It was an unprecedented set of events in Singapore: a government minister charged with corruption and then hauled to court.

S. Iswaran, the transport minister, was formally accused on Monday of taking bribes including a ride on a private jet and tickets to the musical “Hamilton” and soccer games in Britain. By the time he appeared in court on Thursday and pleaded not guilty, he had resigned from his post.

Singapore has long touted a squeaky clean image and a lack of graft. But in recent months, several scandals have tarnished the governing People’s Action Party’s reputation — and, in effect, the country’s.

Allegations of impropriety involving Mr. Iswaran became public in July. Prime Minister Lee Hsien Loong ordered him to take a leave of absence while the authorities investigated Mr. Iswaran’s dealings involving a billionaire who helped bring the Formula 1 auto race to Singapore. The charges unveiled against him include two counts of corruption and one charge of obstructing justice. He is also facing 24 counts of “obtaining, as a public servant, valuable things” worth more than hundreds of thousands of dollars.

“One can’t deny that this is a body blow to the P.A.P., to the government and to Singapore,” said Eugene Tan, an associate professor of law at Singapore Management University. “This is a system that has always prided itself in high public life standards and incorruptibility. When you have a series of allegations that a minister had compromised himself, that does raise legitimate concerns.”

In addition to Mr. Iswaran’s case, the P.A.P. last year faced questions of impropriety in the real estate dealings of two ministers involving government bungalows, and pertaining to the speaker of Parliament’s extramarital affair with another lawmaker. Although the government found no evidence of wrongdoing or corruption in the real estate matter, the incident raised questions about the privileged positions that ministers have in Singapore at a time of rising living costs.

Singapore has consistently been lauded for its lack of graft. It was the fifth-least-corrupt country in Transparency International’s Corruption Perceptions Index in 2022, the only Asian country in the top 10.

Mr. Lee, the prime minister, said the government has and will continue to deal with Mr. Iswaran’s case “rigorously in accordance with the law.”

“I am determined to uphold the integrity of the party and the government, and our reputation for honesty and incorruptibility,” Mr. Lee said in a statement. “Singaporeans expect no less.”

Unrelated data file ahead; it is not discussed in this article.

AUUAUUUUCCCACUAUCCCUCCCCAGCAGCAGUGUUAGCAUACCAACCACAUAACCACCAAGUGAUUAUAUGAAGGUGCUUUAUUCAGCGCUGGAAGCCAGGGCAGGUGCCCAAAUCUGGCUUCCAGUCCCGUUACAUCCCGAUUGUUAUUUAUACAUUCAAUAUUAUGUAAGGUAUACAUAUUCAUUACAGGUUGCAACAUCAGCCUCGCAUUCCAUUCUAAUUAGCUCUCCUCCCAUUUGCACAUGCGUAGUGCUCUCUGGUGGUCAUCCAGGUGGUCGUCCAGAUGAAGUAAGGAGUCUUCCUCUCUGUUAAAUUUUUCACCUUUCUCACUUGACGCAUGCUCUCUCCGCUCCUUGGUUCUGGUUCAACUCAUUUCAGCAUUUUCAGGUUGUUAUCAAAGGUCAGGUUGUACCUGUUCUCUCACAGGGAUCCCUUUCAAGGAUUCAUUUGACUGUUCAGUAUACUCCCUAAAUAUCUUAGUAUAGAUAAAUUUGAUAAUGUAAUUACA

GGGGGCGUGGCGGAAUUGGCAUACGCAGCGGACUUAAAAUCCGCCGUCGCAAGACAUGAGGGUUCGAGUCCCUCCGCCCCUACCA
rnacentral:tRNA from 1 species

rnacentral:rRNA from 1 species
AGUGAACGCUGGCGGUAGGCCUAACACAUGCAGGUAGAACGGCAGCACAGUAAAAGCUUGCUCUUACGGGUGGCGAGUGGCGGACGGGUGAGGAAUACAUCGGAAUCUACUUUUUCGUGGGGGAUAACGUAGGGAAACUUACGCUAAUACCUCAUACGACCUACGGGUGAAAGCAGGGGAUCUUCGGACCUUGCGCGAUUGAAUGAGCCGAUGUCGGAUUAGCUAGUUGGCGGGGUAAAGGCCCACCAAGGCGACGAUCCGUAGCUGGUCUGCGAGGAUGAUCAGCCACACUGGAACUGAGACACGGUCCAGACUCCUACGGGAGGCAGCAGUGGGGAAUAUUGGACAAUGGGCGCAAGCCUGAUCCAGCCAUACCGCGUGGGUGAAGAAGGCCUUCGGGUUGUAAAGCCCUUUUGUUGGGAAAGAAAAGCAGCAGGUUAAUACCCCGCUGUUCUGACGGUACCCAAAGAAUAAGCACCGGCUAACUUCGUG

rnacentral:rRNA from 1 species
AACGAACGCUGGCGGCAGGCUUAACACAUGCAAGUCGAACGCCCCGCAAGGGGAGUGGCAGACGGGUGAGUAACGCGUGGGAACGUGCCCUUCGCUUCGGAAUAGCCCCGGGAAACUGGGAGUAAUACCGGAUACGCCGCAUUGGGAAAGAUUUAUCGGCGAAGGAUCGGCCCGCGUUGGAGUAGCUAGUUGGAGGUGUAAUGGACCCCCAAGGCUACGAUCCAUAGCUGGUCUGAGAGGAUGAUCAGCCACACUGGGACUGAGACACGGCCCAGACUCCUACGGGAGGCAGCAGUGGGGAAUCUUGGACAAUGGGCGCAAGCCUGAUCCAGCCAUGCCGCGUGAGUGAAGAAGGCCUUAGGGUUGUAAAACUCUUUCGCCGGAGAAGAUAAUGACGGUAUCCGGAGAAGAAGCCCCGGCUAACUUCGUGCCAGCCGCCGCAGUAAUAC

Voters get to weigh in during the next general election, which has to be held by 2025. The P.A.P.’s share of the popular vote has slid in recent elections, and it is facing a growing challenge from an opposition that has criticized the P.A.P.’s decades-long, one-party dominance.

The party is also 10 months away from a major leadership transition, during which Mr. Lee, the prime minister, is expected to step down and hand power to the so-called 4G, or “fourth generation,” of leaders that included Mr. Iswaran.

Lawrence Wong, who is set to take over as prime minister, emphasized the party’s stance on graft.

“The P.A.P. stance on corruption is non-negotiable, this is part of our DNA,” Mr. Wong told reporters. “There can be no compromise, no relaxation, no fudging on this, no matter the political price.”

Mr. Iswaran has said that he would return all the money that he had earned as a minister and a member of Parliament since being placed under investigation in July. During that period, the government had reduced his monthly wages as a cabinet minister to $6,300, a fraction of the benchmark ministerial monthly salary of about $41,000. (Singapore’s ministers are among the most highly paid in the world, and the government has justified this in the past by saying it would prevent corruption.)

On Thursday, the government made public a letter he had written to Mr. Lee, dated Tuesday, saying he was resigning and would “focus on clearing my name.”

Nearly all the charges against Mr. Iswaran stem from his dealings with the billionaire property tycoon Ong Beng Seng, who brought the Formula 1 race to Singapore in 2008 and is also under investigation.Twenty-four of the charges stem from November 2015 to December 2021, when Mr. Iswaran is accused of obtaining from Mr. Ong “valuable things” with a total value of about $160,000, according to Singapore’s corruption watchdog.

These include tickets in Britain to “The Book of Mormon,” “Hamilton” and soccer games of the English Premier League, according to local media reports. He is also accused of accepting tickets to the Formula One race in Singapore, as well as a flight to Doha, Qatar, on Mr. Ong’s private jet, a one-night stay at the Four Seasons in Doha and a business-class ticket from Doha to Singapore, the broadcaster said.

The two charges of corruption pertain to Mr. Iswaran allegedly receiving bribes totaling about $124,000 from Mr. Ong in September and December 2022, according to Singapore’s corruption watchdog. These were allegedly in return for advancing the tycoon’s business interests involving the Singapore Grand Prix, as the Formula 1 race there is known, and the Singapore Tourism Board.

If found guilty, Mr. Iswaran is likely to face imprisonment. But few expect him to face an extremely lengthy jail term — the judge is likely to rule that any sentences could be served concurrently and hand down a proportionate term for the charges.

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